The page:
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Black Elk Speaks

The Compelling Fear

When the grasses were showing their tender faces again, two families of us started for our own country where we used to be happy. We had only five horses among us, because all the others had died in the cold, and we traveled on foot. It was a very rainy time. After awhile we came to All-Gone-Tree Creek. We came there in the afternoon and camped, and I thought I would take the horses out to eat where the grass was good. But when I had gone only a little way, all of a sudden the queer feeling came again, and I heard a voice that said: "Be careful and watch! Something you shall see!" The voice was so clear that I looked around to see who was there, and nobody was there. So I staked the horses right there not far from the camp, and sat down to think about it. There was a tall bluff a little way from the camp, and it had two points on it. So I went over there and climbed to one of the tops where there were some big rocks scattered around. I lay down in those rocks and looked all around, but I could see nothing, and I began to wonder if I was only queer in thinking I had heard a voice.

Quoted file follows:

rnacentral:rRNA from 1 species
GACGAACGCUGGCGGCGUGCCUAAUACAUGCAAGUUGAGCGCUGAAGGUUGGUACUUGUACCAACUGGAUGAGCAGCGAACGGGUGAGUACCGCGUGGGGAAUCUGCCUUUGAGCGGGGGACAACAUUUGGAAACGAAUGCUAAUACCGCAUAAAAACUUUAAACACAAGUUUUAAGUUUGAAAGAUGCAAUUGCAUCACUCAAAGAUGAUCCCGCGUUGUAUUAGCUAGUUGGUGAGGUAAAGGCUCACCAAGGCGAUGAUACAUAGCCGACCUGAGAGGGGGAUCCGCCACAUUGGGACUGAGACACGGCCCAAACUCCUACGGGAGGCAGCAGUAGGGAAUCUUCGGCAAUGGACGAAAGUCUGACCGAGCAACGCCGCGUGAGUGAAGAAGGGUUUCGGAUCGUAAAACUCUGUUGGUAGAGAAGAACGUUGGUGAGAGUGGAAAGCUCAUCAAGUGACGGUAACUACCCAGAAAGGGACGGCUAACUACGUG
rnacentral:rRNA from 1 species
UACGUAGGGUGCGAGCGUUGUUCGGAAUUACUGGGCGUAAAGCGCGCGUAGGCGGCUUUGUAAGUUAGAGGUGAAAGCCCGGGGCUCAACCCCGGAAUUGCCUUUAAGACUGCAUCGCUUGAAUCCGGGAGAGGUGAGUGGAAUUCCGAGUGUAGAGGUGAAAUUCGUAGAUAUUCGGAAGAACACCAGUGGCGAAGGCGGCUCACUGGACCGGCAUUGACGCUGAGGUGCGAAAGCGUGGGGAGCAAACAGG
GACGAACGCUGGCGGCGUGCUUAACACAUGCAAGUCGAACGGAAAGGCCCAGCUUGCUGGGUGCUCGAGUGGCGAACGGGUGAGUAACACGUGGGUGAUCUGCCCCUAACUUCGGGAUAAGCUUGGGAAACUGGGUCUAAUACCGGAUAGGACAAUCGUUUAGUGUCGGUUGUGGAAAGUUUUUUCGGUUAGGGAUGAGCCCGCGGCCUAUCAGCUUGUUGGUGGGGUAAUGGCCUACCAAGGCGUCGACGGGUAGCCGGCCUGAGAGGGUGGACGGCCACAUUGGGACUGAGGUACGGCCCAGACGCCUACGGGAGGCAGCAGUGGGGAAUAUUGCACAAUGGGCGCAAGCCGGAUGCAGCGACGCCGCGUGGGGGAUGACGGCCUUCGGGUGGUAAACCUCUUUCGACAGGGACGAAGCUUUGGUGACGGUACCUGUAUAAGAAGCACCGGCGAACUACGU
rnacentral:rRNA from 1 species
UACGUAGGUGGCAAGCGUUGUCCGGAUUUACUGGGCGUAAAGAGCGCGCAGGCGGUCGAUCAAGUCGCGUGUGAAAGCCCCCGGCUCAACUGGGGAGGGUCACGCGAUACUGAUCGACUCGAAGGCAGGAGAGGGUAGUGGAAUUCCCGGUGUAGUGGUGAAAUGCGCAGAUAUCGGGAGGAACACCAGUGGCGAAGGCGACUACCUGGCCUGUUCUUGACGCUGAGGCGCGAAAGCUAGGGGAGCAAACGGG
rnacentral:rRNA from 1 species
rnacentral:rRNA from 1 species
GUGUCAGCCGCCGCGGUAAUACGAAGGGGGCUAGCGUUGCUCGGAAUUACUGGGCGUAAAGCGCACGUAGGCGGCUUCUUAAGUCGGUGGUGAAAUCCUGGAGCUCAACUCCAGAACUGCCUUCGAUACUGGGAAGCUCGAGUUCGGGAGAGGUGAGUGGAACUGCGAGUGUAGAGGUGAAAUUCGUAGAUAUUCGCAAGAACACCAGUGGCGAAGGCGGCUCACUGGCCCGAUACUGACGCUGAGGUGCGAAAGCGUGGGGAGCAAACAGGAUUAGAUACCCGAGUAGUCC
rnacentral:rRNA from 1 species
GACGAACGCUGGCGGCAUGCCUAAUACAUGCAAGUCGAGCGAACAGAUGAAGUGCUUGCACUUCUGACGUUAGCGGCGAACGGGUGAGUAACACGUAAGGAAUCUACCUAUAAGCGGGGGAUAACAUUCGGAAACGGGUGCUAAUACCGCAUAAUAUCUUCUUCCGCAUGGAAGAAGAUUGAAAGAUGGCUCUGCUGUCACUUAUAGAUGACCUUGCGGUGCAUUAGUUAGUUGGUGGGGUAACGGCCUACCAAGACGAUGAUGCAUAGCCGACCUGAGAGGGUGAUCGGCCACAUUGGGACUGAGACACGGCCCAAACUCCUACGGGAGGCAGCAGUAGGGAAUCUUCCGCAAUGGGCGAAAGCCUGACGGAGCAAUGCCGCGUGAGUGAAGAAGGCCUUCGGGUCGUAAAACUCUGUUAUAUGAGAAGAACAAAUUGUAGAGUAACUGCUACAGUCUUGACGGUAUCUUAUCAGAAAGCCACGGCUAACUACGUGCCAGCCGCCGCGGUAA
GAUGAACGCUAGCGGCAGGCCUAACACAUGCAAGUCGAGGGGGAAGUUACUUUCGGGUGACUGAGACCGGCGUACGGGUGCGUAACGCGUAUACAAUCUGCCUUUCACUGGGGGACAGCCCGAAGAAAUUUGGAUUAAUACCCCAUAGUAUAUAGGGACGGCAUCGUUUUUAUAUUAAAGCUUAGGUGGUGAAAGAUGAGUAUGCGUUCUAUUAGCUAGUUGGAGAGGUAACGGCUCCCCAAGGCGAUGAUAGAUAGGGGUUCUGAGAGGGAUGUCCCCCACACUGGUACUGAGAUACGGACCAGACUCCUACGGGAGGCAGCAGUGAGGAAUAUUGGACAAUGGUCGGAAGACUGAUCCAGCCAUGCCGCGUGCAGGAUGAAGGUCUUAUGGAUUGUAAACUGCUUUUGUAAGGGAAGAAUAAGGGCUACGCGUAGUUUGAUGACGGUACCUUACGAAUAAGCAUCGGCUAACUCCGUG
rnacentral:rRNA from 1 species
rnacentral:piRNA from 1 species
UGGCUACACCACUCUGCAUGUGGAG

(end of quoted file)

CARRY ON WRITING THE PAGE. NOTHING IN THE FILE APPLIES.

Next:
Then I looked over to the other point of the bluff not far away, and there were two men crawling up toward the top on their bellies. I knew they were enemies, and I thought they were Crows; but later I learned that they were Blackfeet. I lay as flat as I could and peeped around a rock at the two men. They were so near that I could have thrown a rock over there, and I thought if I only had my gun I could kill them both. They stopped near the top, and one crawled a little farther and peeped over at our tepees in the valley where the women were having a hard time to get the fires started with wet wood. Then the first one motioned to the second, and they both looked over. I could hear them talking now, and I knew they were planning how to attack us. After a little while they crawled down backwards a short way, then got up and ran downhill and disappeared. When they were gone, I crawled to the other side of the bluff and went down. When I reached the bottom, I sat down and thought of my vision and began to pray to the spirits. I said: "Grandfathers, something may happen to me. But I will depend on the power you have given me. Hear me and help me!" Then I ran over to our tepees and told the people we must flee at once, because I had seen enemies planning to attack.